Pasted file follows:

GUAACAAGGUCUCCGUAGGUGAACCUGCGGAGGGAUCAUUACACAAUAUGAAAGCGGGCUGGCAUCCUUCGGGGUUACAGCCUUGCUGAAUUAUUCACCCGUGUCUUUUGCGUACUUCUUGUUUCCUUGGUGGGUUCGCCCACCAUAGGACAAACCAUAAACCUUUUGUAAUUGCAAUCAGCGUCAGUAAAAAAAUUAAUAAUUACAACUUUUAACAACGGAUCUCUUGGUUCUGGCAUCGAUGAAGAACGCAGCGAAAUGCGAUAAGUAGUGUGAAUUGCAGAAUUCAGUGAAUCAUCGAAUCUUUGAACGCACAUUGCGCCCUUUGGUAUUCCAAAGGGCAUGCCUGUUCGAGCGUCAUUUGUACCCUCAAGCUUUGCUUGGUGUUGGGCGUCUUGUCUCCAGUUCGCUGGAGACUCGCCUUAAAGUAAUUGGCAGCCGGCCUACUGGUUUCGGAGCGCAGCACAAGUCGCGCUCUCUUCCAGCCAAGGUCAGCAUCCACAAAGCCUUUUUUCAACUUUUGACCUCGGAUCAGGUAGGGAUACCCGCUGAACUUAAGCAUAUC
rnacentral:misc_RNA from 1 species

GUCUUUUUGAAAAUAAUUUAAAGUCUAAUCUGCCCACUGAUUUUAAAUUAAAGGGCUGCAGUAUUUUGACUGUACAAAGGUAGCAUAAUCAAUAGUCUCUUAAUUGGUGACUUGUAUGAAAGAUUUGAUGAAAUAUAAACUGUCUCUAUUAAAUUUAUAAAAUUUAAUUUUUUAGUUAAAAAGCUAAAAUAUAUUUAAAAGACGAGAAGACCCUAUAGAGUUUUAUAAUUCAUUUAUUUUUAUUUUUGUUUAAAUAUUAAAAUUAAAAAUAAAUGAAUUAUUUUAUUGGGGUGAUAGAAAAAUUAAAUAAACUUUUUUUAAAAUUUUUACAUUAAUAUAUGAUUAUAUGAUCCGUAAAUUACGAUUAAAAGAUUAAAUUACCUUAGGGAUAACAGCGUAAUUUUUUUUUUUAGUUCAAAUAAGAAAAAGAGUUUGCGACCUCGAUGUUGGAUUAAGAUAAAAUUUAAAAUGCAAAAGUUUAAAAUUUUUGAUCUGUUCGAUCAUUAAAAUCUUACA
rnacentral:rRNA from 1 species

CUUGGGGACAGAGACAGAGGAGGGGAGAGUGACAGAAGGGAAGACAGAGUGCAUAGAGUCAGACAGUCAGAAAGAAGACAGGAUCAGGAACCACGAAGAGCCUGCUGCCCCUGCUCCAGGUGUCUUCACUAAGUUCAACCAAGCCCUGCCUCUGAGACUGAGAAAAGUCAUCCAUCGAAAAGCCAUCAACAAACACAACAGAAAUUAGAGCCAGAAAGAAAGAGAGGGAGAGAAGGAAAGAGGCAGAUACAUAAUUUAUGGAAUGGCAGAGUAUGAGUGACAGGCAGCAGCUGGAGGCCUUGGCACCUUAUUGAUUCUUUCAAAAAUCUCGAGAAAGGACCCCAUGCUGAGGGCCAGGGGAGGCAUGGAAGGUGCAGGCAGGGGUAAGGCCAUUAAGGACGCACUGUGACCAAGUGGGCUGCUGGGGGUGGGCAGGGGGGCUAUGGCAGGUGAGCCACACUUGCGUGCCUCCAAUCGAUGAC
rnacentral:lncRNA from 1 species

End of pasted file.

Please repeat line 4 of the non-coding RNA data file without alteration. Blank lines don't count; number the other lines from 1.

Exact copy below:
rnacentral:rRNA from 1 species